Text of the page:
Drilling deep to see if we can save Earth’s largest ice shelf and minimise sea level rise

January 16, 2023

An ambitious project, ‘Sensitivity of the West Antarctic Ice Sheet to 2°C warming’, involves researchers from New Zealand, the United States, Republic of Korea, UK, Australia, Italy, Germany, Spain, and Japan.

A new one-of-a-kind drilling system is essential to uncovering secrets – and predictions for the future – hidden beneath Antarctica’s vast Ross Ice Shelf. The drill is central to an expedition to the heart of Antarctica to understand the impact on Antarctica’s ice sheets of the Earth’s changing climate – and the potential consequences of ice melt for coastal communities around the world.

“Sediment cores are crucial for climate studies as they allow us to glimpse into past periods when the Earth’s climate was warmer – much like what we expect to experience in the coming decades.” Project co-chief Scientist, Richard Levy of GNS Science explains. “The new drill system will allow us to recover sediment cores from deep beneath the seafloor – far below the surface of the Ross Ice Shelf – at a site that is vulnerable to warming oceans around Antarctica”.”

Every core collected will contain layers of data that allow scientists to look back hundreds, thousands, and millions of years into Earth’s past to reveal the sensitivity to past warming of the Ross Ice Shelf and West Antarctic Ice Sheet. The data can be used to model the potential future impact of climate change.

Dr Molly Patterson, the SWAIS 2C project’s US-based Co-Chief Scientist from Binghamton University in New York says that future change in Antarctica will have far-reaching impact on societies across our planet.

“At the current rate of CO2 emissions, global mean temperatures will be 1.5°C and 2°C above pre-industrial levels in 10 to 20 years. This amount of warming could result in several metres of sea level rise over the coming centuries. One of the key drivers for the SWAIS 2C project is to test whether the West Antarctic Ice sheet collapsed during past intervals of warmth and determine its sensitivity to warming. In other words, we will attempt to answer the question, ‘Does the Paris climate target save the Ross Ice Shelf and limit Antarctic ice sheet melt’? If we fail to restrict carbon dioxide emissions in the coming decades, will we reach a critical temperature threshold, a tipping point, across which the Antarctic ice shelves will collapse and cause irreversible retreat of the WAIS and other marine portions of the Antarctic Ice Sheet, with commitment to multi-metre sea level rise over the coming centuries.” – a project that depends on a ground-breaking drilling system, designed in Aotearoa New Zealand.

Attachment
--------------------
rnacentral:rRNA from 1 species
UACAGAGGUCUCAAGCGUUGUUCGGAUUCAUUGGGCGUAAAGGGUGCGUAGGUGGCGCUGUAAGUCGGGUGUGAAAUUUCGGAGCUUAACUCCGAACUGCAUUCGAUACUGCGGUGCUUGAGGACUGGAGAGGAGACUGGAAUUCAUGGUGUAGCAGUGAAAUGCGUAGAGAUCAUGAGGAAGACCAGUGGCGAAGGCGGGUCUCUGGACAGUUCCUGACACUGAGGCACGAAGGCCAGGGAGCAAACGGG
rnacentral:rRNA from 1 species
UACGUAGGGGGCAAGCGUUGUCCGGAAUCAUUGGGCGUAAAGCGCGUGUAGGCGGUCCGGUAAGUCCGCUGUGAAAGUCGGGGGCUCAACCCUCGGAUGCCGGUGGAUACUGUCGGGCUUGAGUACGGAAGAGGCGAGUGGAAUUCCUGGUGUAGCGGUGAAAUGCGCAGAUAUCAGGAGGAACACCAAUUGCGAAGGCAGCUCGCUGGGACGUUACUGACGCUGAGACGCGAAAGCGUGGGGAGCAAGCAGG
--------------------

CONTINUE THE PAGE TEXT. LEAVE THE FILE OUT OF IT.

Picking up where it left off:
Engineering Manager Darcy Mandeno, of Antarctic Research Centre at Victoria University of Wellington, is leading the new drill systems build, working with experts at Webster Drilling and Exploration in Porirua. Mandeno says no one has ever drilled deep into the Antarctic seabed at a location so far from a major base, and so close to the centre of the West Antarctic Ice Sheet. “The thin layer of ocean beneath the ice shelf at the study site has been accessed a few times, but a deep sediment core has never been recovered.”

Supported by the International Continental Drilling Program and Antarctica New Zealand, Antarctic field operations are scheduled to begin in November 2023.

Once the cores are collected, they will be flown back to New Zealand’s Antarctic hub at Scott Base and shipped to the Otago Repository for Core Analysis (ORCA), at Otago University, for studying.